Published: November 2022   Journal: Frontiers in Psychiatry

During the COVID-19 lockdown in 2020, adolescents' mental health was largely undermined. A general increment in screen time was reported. However, the long-term effects of the latter on adolescents' mental health are still little explored. In the present natural experiment, we investigated these effects using longitudinal data collected before and after the first lockdown in Switzerland. Data come from 674 Swiss adolescents (56.7% females, Mage = 14.45, SDage = 0.50) during Spring 2019 (T1) and Autumn 2020 (T2) as part of the longitudinal MEDIATICINO study. Self-reported mental health measures included somatic symptoms, inattention, anxiety, irritability, anger, sleep problems, obsessive-compulsive symptoms, loneliness, and depression. Measures for screen-media activities included time spent on the Internet, smartphones, social media, video gaming, instant messaging, and television viewing. They were all assessed at T1 and T2.

Gender and age association with physical activity and mood states of children and adolescents in social isolation during the COVID-19 pandemic

Junliang He; Longkun Qiu

Published: November 2022   Journal: Sustainability
The outbreak of COVID-19 had a huge impact on daily life. It greatly reduced our physical activity (PA) and caused an increase in negative emotions. The emotions of different ages and sexes were impacted during the pandemic but the most severely influenced were adolescents. Therefore, the study’s main purpose was to explore the influence of age and gender on adolescent physical activity and emotions during the pandemic. The subjects of the present study were 14,045 adolescents aged 10–18 years from the Yan’an Shaanxi province. The International Physical Activity Questionnaire Short Form (IPAQ-SF) was used to investigate the PA and Profile of Mood States (POMS) was used to investigate adolescents’ mood states. Results: we found that girls and boys have significant differences in total PA and moderate PA (p < 0.01). The adolescents’ PA levels of different ages had significant differences (p < 0.01). Meanwhile, boys had higher negative emotion scores (anger, fatigue, depression, confusion) than girls. Girls, in contrast, had higher positive emotion scores (self-esteem, vigor) (p < 0.01). With increasing age, the increase in emotional states seems to diminish (p < 0.01).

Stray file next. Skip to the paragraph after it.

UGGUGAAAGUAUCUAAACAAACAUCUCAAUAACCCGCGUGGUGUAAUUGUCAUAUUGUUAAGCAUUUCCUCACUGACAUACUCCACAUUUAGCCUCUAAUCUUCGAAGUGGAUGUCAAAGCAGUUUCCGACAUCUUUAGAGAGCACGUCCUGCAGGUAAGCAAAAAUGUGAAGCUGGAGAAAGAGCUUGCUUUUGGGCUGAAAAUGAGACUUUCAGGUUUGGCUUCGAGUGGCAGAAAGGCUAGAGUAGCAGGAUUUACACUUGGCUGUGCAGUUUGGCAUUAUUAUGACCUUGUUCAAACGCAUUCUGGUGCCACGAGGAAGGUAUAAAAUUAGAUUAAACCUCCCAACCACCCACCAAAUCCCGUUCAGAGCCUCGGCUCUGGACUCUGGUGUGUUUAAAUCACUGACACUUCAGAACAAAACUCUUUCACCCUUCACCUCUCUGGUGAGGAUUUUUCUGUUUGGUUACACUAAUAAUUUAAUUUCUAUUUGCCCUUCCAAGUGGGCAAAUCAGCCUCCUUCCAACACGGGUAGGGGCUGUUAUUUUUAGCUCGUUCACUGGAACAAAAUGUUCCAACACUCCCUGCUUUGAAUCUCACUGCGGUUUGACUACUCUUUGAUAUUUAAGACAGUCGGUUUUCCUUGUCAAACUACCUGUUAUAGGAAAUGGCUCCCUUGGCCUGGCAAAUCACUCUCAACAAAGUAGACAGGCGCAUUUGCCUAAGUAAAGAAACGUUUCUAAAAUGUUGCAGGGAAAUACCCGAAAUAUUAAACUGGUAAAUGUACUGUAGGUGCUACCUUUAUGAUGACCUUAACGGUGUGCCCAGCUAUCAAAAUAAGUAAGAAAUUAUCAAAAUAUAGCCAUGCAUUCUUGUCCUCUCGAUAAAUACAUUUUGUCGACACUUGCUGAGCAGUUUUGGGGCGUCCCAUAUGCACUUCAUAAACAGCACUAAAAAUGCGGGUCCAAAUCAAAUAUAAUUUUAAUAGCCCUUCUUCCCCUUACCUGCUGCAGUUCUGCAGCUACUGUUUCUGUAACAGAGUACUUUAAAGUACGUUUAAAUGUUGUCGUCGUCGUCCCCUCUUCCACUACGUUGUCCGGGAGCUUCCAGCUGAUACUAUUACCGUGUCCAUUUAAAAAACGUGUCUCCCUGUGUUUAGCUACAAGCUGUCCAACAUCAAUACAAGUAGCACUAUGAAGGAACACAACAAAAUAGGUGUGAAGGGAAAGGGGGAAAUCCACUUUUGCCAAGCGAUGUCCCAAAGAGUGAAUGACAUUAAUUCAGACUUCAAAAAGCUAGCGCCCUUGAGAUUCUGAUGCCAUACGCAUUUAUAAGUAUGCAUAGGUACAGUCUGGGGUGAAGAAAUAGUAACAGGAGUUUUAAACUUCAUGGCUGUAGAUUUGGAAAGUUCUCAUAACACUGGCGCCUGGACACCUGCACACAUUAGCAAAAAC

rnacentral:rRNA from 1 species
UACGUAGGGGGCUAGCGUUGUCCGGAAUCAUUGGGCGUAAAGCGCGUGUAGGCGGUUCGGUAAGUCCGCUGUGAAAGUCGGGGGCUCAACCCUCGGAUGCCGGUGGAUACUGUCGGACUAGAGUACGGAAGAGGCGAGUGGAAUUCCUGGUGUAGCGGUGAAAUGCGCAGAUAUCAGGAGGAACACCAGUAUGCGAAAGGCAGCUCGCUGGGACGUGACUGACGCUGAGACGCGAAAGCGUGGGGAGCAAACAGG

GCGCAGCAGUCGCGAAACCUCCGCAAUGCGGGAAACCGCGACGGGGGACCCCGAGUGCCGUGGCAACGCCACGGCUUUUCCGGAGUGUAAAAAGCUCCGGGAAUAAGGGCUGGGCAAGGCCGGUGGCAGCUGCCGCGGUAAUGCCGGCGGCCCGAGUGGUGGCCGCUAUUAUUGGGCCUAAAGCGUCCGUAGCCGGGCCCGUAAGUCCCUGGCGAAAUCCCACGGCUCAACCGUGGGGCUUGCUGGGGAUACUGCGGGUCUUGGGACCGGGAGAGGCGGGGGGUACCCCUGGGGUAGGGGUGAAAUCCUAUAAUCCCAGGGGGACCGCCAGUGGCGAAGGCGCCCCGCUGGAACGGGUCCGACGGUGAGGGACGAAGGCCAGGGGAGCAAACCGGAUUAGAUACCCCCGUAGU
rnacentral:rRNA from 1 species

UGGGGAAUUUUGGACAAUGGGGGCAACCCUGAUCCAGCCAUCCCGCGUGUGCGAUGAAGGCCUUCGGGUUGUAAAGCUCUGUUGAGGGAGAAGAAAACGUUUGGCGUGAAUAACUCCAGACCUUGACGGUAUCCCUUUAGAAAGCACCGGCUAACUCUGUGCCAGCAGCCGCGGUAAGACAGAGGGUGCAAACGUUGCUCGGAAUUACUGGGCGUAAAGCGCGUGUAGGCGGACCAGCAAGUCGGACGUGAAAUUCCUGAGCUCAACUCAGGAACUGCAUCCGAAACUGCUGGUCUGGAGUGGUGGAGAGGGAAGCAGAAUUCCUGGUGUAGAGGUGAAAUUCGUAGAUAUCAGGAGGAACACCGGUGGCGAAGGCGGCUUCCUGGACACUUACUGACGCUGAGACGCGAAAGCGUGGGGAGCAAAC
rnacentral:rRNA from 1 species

Validation of the French–Canadian version of the COVID-19 peritraumatic distress index with parents of an infant

Luciana Lassance; Claude Bélanger; Mathilde Baumann (et al.)

Published: November 2022   Journal: Canadian Journal of Behavioural Science
Parents of an infant may be particularly vulnerable to peritraumatic distress (e.g., psychological distress experienced during or immediately following a traumatic event) associated with events such as the COVID-19 pandemic. Since peritraumatic distress could affect both their psychological well-being and their couple relationship functioning, it is essential to measure and document these symptoms within parents. The COVID-19 Peritraumatic Distress Index (CPDI; Qiu et al., 2020) was the first validated instrument to measure COVID-19 peritraumatic distress, but it has not yet been validated in French. This study aimed to assess the psychometric properties of the French–Canadian version of the CPDI (F-CPDI) in a sample of 492 parents (58% of mothers) of an infant in Quebec Province (Canada).
Parental assistance with emotion regulation moderates link between COVID-19 stress and child mental health.

Emily M. Cohodes; Sarah McCauley; David A. Preece (et al.)

Published: November 2022   Journal: Journal of Clinical Child & Adolescent Psychology

The COVID-19 pandemic has severely impacted children’s mental health. All children have not been affected equally, however, and whether parental emotion socialization might buffer or exacerbate the impact of COVID-19 on children’s mental health remains an important question. During the first peak of the COVID-19 pandemic in the U.S. N = 200 parents of children ages 0–17 (52.5% female) completed questionnaires related to parental assistance with children’s emotion regulation, symptomatology, and exposure to COVID-19-related stress. Parents were 74% Non-Hispanic/Latino/a White, 13% Asian, 4.5% Hispanic/Latino/a, 4% Black/African American, 2.5% Native American, and 1.5% bi/multiracial; 0.5% of participants preferred not to state their race/ethnicity. In a series of linear regression analyses, we examined whether parental assistance with children’s execution of emotion regulation strategies – across a variety of prototypically-adaptive and -maladaptive strategies – moderates the association between children’s exposure to COVID-19-related stress and symptomatology.